This show is presented by Canada’s Ballet Jörgen, a classical ballet company that aims to make ballet accessible and relevant to 21st-century audiences. It’s a chance to introduce newcomers to this lovely, charming story – as well as offer a different look at things for longtime fans. Expect a graceful good time at Green Gables this April!


That’s just a selection of what’s coming, of course. You can access the CCA’s full season at their website – – to purchase tickets or find out more information, either for these shows or others on the slate. And keep checking back for updates – the 2021-22 season is still evolving, so other announcements will be forthcoming as the situation dictates.

A conversation with Danny Williams

I’ve known Danny Williams, executive director of the Collins Center for the Arts, for a long time. He has been a passionate advocate for the arts in general and the CCA in particular for all the years that I’ve known him.

As you might imagine, the past 18 months have been a trying time for the CCA – and for all performance venues. Everyone is navigating uncharted waters, doing the best they can with what they know.

Danny was kind enough to take the time to answer some questions for me via e-mail, addressing the myriad obstacles presented by current circumstances and expressing his thoughts on how things are different and his hopes regarding getting (and keeping) the curtain raised.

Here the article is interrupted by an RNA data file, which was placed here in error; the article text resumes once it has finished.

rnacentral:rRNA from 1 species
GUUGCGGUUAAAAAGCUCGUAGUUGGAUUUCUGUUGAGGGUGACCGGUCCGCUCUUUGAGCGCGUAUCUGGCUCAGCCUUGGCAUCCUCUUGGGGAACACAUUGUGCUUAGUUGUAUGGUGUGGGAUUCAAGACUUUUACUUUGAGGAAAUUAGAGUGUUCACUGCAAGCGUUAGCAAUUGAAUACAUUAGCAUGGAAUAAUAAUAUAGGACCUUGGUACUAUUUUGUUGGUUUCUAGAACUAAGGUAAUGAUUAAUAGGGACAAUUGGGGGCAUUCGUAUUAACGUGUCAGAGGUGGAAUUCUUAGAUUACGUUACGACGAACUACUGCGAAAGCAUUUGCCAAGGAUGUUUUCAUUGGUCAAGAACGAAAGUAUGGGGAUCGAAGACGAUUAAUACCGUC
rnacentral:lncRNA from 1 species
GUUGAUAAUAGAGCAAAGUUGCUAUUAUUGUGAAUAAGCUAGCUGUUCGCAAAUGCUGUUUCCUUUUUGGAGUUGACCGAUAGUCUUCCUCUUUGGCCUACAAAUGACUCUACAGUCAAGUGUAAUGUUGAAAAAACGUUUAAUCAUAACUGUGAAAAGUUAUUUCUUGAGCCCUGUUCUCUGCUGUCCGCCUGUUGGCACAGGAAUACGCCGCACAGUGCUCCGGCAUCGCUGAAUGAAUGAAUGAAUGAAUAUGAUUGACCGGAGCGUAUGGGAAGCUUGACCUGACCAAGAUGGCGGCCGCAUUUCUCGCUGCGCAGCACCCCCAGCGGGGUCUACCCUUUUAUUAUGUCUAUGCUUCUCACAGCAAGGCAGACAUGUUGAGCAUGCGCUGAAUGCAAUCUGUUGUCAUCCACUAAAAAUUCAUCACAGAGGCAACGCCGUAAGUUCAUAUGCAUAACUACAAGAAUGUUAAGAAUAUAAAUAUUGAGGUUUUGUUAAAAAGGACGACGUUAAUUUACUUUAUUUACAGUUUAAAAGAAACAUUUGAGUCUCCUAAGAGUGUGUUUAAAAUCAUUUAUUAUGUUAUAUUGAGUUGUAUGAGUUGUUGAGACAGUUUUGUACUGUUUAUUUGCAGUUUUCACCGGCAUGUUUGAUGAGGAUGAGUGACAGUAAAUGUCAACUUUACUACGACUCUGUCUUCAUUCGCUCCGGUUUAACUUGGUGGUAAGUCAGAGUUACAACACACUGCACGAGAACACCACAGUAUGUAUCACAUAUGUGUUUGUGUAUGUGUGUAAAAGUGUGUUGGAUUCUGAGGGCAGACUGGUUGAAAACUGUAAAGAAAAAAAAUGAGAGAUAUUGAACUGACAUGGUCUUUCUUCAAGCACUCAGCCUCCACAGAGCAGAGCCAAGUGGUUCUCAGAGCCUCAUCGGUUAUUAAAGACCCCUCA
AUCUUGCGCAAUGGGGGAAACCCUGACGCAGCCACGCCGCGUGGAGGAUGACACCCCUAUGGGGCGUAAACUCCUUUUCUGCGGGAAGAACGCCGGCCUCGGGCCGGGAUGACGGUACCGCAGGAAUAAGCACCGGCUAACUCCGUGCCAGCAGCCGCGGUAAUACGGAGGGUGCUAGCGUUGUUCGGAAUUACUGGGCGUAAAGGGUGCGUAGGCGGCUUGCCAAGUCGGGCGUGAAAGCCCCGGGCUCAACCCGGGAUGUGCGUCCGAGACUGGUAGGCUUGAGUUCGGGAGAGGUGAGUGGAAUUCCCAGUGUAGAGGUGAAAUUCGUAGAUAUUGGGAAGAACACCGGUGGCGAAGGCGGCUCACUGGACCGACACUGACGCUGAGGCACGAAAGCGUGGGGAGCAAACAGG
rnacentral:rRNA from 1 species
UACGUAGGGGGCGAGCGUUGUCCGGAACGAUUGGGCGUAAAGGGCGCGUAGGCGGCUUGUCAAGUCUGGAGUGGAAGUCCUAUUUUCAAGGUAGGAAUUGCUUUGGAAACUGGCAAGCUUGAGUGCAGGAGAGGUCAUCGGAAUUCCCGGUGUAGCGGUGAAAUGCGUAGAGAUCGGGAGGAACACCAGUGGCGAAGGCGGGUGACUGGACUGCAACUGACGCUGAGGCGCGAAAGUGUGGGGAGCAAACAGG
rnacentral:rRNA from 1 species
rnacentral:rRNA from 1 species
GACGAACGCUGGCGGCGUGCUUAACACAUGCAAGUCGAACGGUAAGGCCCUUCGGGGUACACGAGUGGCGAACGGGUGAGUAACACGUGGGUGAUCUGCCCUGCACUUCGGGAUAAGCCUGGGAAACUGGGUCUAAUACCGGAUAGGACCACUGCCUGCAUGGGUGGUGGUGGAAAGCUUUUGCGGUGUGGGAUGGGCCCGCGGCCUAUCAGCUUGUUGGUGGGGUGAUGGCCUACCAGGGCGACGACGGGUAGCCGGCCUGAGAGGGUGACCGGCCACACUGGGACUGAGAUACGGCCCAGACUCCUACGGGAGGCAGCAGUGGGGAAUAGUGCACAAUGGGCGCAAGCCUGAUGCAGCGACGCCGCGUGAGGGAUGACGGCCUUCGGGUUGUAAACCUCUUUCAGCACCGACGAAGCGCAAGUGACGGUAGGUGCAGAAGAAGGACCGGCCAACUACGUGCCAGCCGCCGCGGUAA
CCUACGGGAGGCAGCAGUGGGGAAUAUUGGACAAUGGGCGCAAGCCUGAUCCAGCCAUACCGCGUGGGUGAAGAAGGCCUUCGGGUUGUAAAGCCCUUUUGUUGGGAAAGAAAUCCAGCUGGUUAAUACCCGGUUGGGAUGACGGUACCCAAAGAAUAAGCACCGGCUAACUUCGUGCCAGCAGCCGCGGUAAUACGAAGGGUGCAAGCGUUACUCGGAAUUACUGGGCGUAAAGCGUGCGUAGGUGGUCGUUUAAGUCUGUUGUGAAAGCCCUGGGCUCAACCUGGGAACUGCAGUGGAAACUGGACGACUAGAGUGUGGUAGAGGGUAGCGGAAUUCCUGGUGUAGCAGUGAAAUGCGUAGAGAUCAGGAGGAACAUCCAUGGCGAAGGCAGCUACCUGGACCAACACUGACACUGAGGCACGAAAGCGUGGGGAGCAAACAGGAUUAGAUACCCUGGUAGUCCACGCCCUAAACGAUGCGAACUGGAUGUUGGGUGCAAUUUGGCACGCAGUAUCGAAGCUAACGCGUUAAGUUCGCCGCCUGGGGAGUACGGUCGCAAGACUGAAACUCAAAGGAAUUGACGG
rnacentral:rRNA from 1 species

The Maine Edge: What are some of the challenges that have come with scheduling in this uncertain time? How have you dealt with them?

Danny Williams: Scheduling (and re-scheduling) has definitely been a challenge. Under "normal circumstances" we are planning our season 12-18 months out, so when restrictions started to relax this past May, we were just starting to pull together things for the '21-'22 season when we would ordinarily be nearly done. We knew that this season was going to be different in that we wouldn't have the entire season pulled together all neat and tidy in such a short time frame, so we decided to announce shows as we confirmed them. 

TME: In what ways will seeing a show at the CCA potentially be different for audiences this season? Will there be any changes with regard to how your performances are presented? Livestreams or recorded shows for home viewing, that sort of thing?

DW:As of right now, we are looking at a lighter fall than usual. A month ago, I was pushing to fill in some of the holes, but as I sit here today - and given the trajectory of the Delta variant - a lighter performance schedule for the early fall seems warranted. The Bangor Symphony Orchestra is offering a livestream option as part of its season.